Hi there dear reader! It is game 4 day here in London and we press are settling into a routine. When it comes to this World Chess Championship, it begins with queuing outside the venue and begging to be let in so we can do our jobs.
I hate to bellyache, but, it is reaching the point of lunacy now as we get here nice and early to get set up, start our articles, get our accreditation (a process that we have to go through anew every day for some reason) all in time to be taken to the playing area around 20 minutes before the start of the round.
Every round so far, myself and colleagues like Mike Klein, Ian Rogers, Leontxo Garcia, turn up nice and early in order to go through accreditation, security checks, and get settled in the press room. Then it is time to get the laptops out, do our camera checks, put the starting touches on our articles, and, perhaps hydrate and freshen up a bit before it is all systems go.
And every time so far, we are told by security, “…not until two O’Clock.”. In other words, when the doors open to the steady stream of spectators, we can also get in.
Now don’t get me wrong, it’s not like we class ourselves as VIP’s and expect the World, but we have a job to do and you can not imagine how much this impedes us. Letting us in at the same time as the public, who also have to have their bags checked and collect their tickets, is just totally unworkable.
It cuts our preparation time drastically. Considering that the game will start at three and we will be escorted to the playing area around twenty minutes before, it turns a nice relaxed, organised, method into a rushed, stressy, catching up session.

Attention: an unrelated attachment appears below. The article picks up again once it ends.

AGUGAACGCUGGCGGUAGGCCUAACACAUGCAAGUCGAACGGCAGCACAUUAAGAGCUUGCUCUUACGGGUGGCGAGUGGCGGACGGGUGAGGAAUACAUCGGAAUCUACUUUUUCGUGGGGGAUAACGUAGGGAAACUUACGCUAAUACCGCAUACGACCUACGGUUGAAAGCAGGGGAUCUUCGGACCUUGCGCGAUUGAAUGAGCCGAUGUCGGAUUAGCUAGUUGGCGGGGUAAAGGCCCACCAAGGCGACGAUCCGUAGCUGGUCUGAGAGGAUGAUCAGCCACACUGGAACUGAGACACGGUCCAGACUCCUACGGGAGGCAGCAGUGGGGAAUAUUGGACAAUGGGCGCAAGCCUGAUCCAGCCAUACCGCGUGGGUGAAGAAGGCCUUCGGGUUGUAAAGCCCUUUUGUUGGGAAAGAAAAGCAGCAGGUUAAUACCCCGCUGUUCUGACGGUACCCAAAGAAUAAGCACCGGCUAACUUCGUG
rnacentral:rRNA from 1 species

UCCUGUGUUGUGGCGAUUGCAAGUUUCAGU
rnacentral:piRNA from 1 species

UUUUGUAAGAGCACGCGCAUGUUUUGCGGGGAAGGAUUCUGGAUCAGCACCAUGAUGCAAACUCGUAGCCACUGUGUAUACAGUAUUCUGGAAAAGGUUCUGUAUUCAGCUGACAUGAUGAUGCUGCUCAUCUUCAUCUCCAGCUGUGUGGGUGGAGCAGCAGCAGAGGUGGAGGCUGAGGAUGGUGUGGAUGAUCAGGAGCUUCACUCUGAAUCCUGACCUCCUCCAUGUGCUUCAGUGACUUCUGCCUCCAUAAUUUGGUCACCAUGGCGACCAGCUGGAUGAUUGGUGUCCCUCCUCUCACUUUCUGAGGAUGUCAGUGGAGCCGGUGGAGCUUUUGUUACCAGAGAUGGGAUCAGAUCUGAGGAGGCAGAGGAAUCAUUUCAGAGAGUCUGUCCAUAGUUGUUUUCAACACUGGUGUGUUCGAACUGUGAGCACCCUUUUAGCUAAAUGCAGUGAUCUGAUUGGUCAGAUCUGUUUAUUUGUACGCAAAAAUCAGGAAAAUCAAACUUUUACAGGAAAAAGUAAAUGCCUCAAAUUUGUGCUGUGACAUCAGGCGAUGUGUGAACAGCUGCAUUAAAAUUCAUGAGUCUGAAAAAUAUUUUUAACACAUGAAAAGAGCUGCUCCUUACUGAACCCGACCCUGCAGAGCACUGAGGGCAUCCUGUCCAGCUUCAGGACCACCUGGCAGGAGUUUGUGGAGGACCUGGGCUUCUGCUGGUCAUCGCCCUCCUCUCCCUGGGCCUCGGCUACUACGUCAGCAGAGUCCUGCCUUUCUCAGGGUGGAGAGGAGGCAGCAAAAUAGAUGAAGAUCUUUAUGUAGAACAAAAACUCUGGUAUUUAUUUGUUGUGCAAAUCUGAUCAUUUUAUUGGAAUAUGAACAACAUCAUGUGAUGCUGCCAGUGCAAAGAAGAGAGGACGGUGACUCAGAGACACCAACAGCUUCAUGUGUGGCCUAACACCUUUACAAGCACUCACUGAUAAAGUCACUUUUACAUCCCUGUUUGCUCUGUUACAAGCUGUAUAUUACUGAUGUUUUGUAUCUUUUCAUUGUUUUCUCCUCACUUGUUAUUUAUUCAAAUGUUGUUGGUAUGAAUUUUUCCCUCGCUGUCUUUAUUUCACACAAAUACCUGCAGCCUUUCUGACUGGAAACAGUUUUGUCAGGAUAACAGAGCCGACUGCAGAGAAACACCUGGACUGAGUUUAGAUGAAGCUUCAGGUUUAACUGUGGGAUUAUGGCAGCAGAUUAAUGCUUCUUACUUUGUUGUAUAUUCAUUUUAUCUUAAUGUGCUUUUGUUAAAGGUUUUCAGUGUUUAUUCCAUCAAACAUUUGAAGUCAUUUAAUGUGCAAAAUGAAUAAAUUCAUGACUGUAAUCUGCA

Having begged and pleaded, (and Mike Klein almost getting treated like a CNN reporter at the White House before round four), I do hear that this will be sorted out for round five onwards. I do hope it is true, or we are in for a very long tournament.
The Halfway Stage Approaches Fast
Ok, to the chess then and Magnus Carlsen had his second White game of the Championship for Game 4. It is important to bear in mind that this means that Magnus will have White twice up to the halfway stage of the Championship. I think it is fair to say that the players will want to strike somewhere in the first six games, don’t you?
What is also significant, is …
I am now having to stop to be taken to the playing hall for the start of the round, so don’t go anywhere, I’ll be right back.
Why You Are Not Seeing Any Players’ Photos In This Report
When we get to the playing area, we are allowed in in groups of 3’s, like little children. So, when I arrive into the actual ‘theatre of action’ so-to-speak, this is what greets me …